United States Department of Veterans Affairs
 Health Care
Rolling Past Pain and Depression to the Finish Line
Man on a handcycle poses next to man wearing a Hawaiian shirt.
Lonnie Hicks (left) was greeted by VA Prosthetics Manager, Aaron Williams, at the finish of the Great Aloha Run.

The clock was ticking away but the finish line was in sight. As the roar of the crowd increased, Lonnie Hicks picked up his speed and finished the race in 51:55 — well within his goal of one hour, earning him first place in his division!

Army Veteran Lonnie Hicks was competing in the Great Aloha Run, an annual 8.1-mile charity run set in Honolulu, Hawaii. But rather than running, the disabled Veteran entered the race with a handcycle he acquired from the prosthetics department at the VA Health Care System in Honolulu.

A handcycle is a human-powered vehicle that looks much like a tricycle but functions with movement of the arms rather than the legs. The mechanism can be set up in various ways to maximize comfort and functionality for those with high-level injuries.

Facing the Pain

Before Hicks received a handcycle, he went through a roller coaster ride of health obstacles that hindered the use of his limbs in one way or another. He suffered from severe knee pain caused by chondromalacia patella and years of military workouts. He was also diagnosed with trigeminal neuropathy, a condition of chronic pain on his left side. His pain resulted in using a wheelchair, but using a standard wheelchair caused additional problems with Lonnie’s shoulders.

Through rehabilitation and knee surgeries, VA doctors helped Hicks get out of the wheelchair and into a walker, but he still could not enjoy the mobility he missed dearly.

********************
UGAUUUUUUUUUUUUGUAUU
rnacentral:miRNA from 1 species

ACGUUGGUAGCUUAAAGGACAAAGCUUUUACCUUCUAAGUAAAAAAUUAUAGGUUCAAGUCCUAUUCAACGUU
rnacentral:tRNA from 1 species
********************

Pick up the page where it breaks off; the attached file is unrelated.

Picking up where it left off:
Man on a handcycle speeds through the finish line at a race.
Lonnie Hicks paces himself as he approaches completing 8.1 miles on his handcycle.

“I dropped into a low point in my life. I was very depressed and I wouldn’t leave the house.” Hicks had just moved to Hawaii, but his intense pain kept him from enjoying the weather and outdoor beauty of the new home he shared with his wife.

Depression consumed Hicks for a while, but after a few consultations with chronic pain specialists at Tripler Army Medical Center, he was convinced to change his state of mind. He joined the MOVE! program at the Honolulu VA and learned many tips about improving his diet and increasing exercise. He began exercising on weight machines, but he was unable to get a good heart-pounding, healthy cardio workout.

He then acquired a handcycle from VA prosthetics and relished in its ability to deliver a great cardio workout without triggering any pain in his body. Lonnie began a regular workout routine and happily rode for miles at a time.

“When I ride, I want to go and go and go.”

Support at the Finish Line

His new attitude spurred him into action to make a new challenge. He entered the Great Aloha Run as the only handcyclist and set his personal race goal, one hour. He reached that goal as he found himself greeted at the finish line by supportive Honolulu VA prosthetics staff.

Aaron Williams, the Chief of Prosthetics at the Honolulu VA Medical Center, was among the staff attending the race. “Lonnie has a stand-out personality and he is very grateful to have the handcycle,” said Williams. “It’s done a lot to improve his life.”

Lonnie completely agrees. He says he feels none of his chronic pain when he’s riding. “I can’t wait to go out on my cycle. I get out there for two or three hours a day. Plus when I’m not on the cycle, I still keep myself active now.”

Since his involvement in MOVE! plus his regular routine with the handcycle, Lonnie has shed a whopping 40 pounds. He is eating right, lifting weights, and cycling to his heart’s content.

“I could not have done the weight loss without the handcycle, and I could not have gotten the handcycle without the VA. The VA gave me my freedom back.”

By Megan Tyson, VA Staff Writer

Related Links:
MOVE: Weight Management Program
VA’s Prosthetic and Sensory Aids Service